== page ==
Doctor Unions Are Good for Your Health
To move between hospital buildings and see her patients, Dr. Carmen Kilpatrick had to be pushed around in a wheelchair by her colleagues. Kilpatrick, a second-year psychiatry resident at UC San Francisco and a first-time mom-to-be, was expecting twins. The twins’ position put Kilpatrick at risk of premature labor, and her obstetrician advised against standing for more than a few minutes. The risk eventually became so high that she started her four weeks of paid maternity leave early.
“I thought to myself, ‘This is absolutely not enough time.’ I was very, very worried,” Kilpatrick recalled. So she reached out to her union at UCSF for help.
Working many hours with few benefits and little pay has long been the standard for doctors in training. These include interns, residents, and fellows, who are called “house staff” in the hospital. These are the doctors who, at many hospitals, are the first to meet you and spend the most time at your bedside. They regularly stay up for 28-hour shifts taking care of patients, only to find respite for a few hours in a small apartment that costs most of their earnings. The average starting salary for house staff is $60,942 nationally, and they can spend up to a decade after medical school under these conditions. Over 60 percent of house staff experience burnout related to working conditions, and several have committed suicide.
Tired and dismayed, especially since the Covid-19 pandemic, house staff across the United States are now unionizing in order to collectively bargain for greater benefits. In the past two years, at least nine hospitals have unionized, with California and New York leading the way. The largest house staff union in the country, the Committee of Interns and Residents (CIR), has grown in membership by over 40 percent since the start of the pandemic in 2019, and represents over 24,000 house staff members.
Can Staff Unions Be Effective?
Simply forming a union is no easy undertaking. Laws on unionizing vary by US state and by whether a hospital is public or private. In some states, it is illegal for house staff to even form a union. Where it is legal, most hospitals do not recognize unions when they first form. House staff unions then must appeal to the National Labor Relations Board for a formal election. This was the case at Montefiore Medical Center, which held its election in late February this year, overwhelmingly voting in favor of unionizing. House staff at the University of Pennsylvania have recently requested an election.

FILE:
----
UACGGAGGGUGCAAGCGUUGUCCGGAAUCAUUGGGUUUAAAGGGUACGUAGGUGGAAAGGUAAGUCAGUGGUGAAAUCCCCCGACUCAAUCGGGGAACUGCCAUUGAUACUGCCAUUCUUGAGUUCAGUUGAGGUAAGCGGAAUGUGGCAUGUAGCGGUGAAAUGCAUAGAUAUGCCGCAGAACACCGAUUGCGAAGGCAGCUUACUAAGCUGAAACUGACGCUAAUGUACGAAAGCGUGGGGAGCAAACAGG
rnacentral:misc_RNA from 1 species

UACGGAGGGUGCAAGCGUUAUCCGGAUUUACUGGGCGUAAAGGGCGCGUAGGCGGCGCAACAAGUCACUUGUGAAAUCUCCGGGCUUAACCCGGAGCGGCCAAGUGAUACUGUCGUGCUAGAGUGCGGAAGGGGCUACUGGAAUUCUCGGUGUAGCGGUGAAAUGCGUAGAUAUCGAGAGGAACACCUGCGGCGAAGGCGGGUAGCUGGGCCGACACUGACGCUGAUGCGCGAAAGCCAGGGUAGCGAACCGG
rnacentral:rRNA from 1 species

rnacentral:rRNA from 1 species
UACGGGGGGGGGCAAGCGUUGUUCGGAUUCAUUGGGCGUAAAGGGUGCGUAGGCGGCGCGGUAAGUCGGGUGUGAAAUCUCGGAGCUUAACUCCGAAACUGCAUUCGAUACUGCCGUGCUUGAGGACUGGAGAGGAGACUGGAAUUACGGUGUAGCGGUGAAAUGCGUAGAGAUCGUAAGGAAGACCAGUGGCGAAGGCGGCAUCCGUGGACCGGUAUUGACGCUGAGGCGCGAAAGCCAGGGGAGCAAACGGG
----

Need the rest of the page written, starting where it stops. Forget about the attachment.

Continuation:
Even after a union forms, change is by no means guaranteed. The union still needs to productively negotiate with the hospital to gain any wins codified in a contract. Hospitals can evade negotiations, sharing sentiments described by Dr. Jordan J. Cohen in The New England Journal of Medicine. President of the Association of American Medical Colleges at the time of writing, Cohen argued against house staff unions, feeling they were unnecessary because house staff can communicate feedback to hospitals in other ways. In fact, he wrote, unions are harmful because they can create contention between house staff and the hospital that might erode public trust.
So many do question: Can the current growth in house staff unions bring about meaningful changes in health care?
The answer is yes. At a time when business incentives of large hospital systems increasingly dictate how medical care is practiced, unions can give a voice to the house staff who actually deliver that care. An examination of the tangible changes achieved by one of the more active house staff unions at UCSF, where I am a fellow, shows exactly how.
Staff Unions and the Success at UCSF
Historically, the success of house staff unions in the US has aligned closely with the country’s fluctuating politics and economy. The first house staff union formed in the early 1930s, when US President Franklin D. Roosevelt enacted the New Deal to stimulate the economy out of the Great Depression. After the passing of the National Labor Relations Act, private sector employees earned the right to unionize. A group of medical interns in their first year of clinical training lobbied for many of the same requests made by house staff today: reasonable working hours, more educational conferences, and the elimination of discriminatory practices in medical education.
But by the early 1950s, in the more conservative political climate marked by McCarthyism, the organization disbanded amid claims of subversive communist ties. CIR formed in 1957 and negotiated the country’s first collective bargaining agreement for house staff in New York City. Since then, the union has expanded to represent approximately 15 percent of house staff across the country. Now is a fervent time for unionization across labor sectors, from Amazon warehouse employees to Starbucks baristas, with 71 percent of Americans supporting labor unions. House staff unions are no exception to this national trend.